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Jun 22, 2018







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Not getting better


02/22/18



 I started telling my story right after I moved to the States as a healing process and therapy. Eighteen years later I am still telling the same story. My hope, of course, was that while I was telling my story, things would get better in the Democratic Republic of the Congo and that the tragic war-torn story of Congolese people, like my own Congo story, would become past tense. My hope was not realized. The atrocities in the Congo continued, which made the urgency of shining a light on it all the more crucial.

In the last few weeks some mainstream media have covered some of the atrocities, protests and censorship that are happening today in the Congo. The term of the current president, Joseph Kabila, ended in December 2016, but he has not stepped down. 
The Democratic Republic of the Congo has a long history of exploiting and mistreating its own people, many of whom are killed and driven out of the country. According to the UN, 6 million people have died there from war-related causes since 1996. The country is blessed and cursed with an abundance of natural resources, including coltan, uranium, diamond, cobalt, copper, gold and zinc. More than 60 percent of the world’s coltan comes from the Congo. This is where the American connection comes in. Coltan is the raw material that goes into making the computer chips and LCD screens in our televisions, iPhones, PlayStations and satellites. Many western governments and corporations have played a role in the outcome of Congolese conflicts in order to secure their interests and exploit its natural resources. Congolese refugees are amongst the largest groups of displaced people in the world. The U.S. government made a commitment back in 2014 to resettle 50,000 Congolese. The few that have had a chance to resettle in America are working hard earning a living to provide a better future for their family here in America and back home.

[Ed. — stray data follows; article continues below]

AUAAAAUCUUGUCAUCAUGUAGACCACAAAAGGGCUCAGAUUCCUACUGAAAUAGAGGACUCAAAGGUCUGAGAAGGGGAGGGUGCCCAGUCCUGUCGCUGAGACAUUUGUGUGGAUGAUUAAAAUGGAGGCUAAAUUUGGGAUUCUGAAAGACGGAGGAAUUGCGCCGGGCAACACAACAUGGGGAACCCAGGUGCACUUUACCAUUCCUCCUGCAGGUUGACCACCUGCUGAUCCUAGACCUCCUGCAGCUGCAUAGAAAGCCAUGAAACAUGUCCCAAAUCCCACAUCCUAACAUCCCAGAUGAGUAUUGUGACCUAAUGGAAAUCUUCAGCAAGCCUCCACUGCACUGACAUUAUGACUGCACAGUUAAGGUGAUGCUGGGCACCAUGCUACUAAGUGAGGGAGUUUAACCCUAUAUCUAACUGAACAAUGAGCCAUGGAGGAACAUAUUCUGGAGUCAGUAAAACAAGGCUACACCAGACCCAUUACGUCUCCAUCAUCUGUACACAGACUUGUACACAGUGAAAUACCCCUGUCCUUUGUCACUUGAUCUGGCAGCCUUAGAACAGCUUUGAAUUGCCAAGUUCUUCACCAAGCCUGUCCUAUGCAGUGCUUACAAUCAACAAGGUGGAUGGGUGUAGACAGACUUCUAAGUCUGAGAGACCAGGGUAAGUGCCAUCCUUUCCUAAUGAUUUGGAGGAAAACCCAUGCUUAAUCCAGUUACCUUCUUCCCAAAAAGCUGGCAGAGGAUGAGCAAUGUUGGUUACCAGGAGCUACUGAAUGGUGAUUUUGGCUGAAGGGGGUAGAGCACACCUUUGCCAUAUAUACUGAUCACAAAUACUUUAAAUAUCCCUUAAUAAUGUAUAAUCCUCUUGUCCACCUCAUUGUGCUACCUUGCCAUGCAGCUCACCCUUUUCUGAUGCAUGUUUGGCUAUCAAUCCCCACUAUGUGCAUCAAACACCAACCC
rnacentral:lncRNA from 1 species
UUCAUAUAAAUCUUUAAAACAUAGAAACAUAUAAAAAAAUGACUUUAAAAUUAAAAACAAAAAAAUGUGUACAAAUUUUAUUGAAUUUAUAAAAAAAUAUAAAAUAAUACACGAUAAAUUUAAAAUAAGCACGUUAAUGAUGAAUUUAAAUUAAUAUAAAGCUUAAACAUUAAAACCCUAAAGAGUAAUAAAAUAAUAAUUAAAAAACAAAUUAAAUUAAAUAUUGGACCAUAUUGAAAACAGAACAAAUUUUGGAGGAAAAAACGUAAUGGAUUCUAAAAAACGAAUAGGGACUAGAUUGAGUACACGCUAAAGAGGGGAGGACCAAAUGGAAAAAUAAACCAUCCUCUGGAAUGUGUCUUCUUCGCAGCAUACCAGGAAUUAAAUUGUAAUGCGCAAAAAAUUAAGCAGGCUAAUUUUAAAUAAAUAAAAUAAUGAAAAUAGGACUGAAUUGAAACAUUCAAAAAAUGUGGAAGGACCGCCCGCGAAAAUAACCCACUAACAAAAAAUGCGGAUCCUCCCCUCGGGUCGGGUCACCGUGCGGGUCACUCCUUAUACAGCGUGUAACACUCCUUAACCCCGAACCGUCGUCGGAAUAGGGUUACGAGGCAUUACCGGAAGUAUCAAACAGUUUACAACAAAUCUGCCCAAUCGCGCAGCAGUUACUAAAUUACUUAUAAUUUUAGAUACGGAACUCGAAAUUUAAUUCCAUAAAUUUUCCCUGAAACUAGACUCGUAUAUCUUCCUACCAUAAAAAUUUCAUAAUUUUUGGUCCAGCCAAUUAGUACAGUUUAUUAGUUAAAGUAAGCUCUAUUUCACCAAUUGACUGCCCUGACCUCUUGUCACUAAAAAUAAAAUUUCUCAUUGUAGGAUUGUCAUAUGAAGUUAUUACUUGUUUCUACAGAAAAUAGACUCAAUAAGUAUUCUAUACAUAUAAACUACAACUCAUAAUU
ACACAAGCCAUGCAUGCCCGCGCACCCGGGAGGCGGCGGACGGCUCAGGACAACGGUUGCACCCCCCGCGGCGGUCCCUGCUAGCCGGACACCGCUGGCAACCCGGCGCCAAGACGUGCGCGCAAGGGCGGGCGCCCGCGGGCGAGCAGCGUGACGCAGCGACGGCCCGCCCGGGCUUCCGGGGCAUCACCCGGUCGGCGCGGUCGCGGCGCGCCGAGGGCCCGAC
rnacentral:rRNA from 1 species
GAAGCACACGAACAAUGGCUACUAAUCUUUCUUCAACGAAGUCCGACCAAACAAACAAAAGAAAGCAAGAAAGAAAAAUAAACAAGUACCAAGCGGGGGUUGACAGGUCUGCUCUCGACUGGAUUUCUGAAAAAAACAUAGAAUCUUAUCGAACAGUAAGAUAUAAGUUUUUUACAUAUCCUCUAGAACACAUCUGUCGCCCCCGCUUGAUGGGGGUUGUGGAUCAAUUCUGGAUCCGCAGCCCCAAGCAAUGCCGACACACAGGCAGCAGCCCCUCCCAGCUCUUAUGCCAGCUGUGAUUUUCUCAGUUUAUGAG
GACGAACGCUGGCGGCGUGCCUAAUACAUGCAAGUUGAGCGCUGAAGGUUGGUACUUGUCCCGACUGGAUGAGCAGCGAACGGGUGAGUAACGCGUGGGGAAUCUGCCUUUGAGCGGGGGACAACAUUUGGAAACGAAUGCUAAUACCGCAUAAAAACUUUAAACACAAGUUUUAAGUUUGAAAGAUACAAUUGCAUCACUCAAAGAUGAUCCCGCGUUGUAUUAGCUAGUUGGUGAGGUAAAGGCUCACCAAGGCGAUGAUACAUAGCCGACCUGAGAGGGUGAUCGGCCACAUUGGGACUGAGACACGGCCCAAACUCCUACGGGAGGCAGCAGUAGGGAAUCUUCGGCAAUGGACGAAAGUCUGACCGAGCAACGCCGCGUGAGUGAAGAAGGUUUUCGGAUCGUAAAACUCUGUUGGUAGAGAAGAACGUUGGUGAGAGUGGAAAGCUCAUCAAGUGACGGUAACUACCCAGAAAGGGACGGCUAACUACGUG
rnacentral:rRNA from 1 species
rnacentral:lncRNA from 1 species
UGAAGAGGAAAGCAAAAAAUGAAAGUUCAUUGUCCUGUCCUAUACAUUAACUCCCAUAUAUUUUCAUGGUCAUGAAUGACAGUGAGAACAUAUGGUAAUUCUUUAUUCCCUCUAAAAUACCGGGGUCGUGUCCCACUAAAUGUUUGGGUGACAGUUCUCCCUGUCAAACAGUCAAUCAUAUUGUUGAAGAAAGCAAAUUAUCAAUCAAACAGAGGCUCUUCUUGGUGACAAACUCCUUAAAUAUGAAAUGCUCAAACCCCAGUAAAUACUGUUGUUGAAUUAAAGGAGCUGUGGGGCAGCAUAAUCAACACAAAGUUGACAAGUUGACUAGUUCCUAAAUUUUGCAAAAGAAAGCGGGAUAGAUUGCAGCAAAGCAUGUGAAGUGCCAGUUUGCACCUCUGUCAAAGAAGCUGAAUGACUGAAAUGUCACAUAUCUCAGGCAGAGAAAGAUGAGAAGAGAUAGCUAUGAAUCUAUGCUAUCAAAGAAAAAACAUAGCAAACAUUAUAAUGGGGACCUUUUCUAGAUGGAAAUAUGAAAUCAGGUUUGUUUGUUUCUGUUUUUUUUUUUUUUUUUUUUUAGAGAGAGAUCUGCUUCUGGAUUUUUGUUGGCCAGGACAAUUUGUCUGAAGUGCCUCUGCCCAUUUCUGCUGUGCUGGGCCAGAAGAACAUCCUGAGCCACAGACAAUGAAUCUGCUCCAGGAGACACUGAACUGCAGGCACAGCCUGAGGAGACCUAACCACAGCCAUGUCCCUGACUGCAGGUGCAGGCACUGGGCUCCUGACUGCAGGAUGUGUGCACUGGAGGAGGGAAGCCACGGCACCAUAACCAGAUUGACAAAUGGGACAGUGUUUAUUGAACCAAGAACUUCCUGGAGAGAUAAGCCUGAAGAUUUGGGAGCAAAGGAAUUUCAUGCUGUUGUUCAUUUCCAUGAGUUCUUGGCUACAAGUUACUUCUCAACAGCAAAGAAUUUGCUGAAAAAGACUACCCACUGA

We must bring awareness to the U.S. Congressmen and Congresswomen who are sometimes manipulated by lobbying organizations advocating for their clients. Companies you buy your electronics from depend on the raw materials extracted from the mines of the Democratic Republic of the Congo. It is time to rise up and advocate for the lives of those who are caught in this destructive cycle, which has been going on for the last 25 years. We need to pressure our government to be on the side of humanity in order to end the worst genocide and holocaust of our time.
A daring escape from the Congo led Deo Mwano to a life in Manchester. Mwano was on the cover of the Hippo’s Nov. 17, 2011 issue; you can read the story at hippopress.com, or learn more at deomwano.com. 





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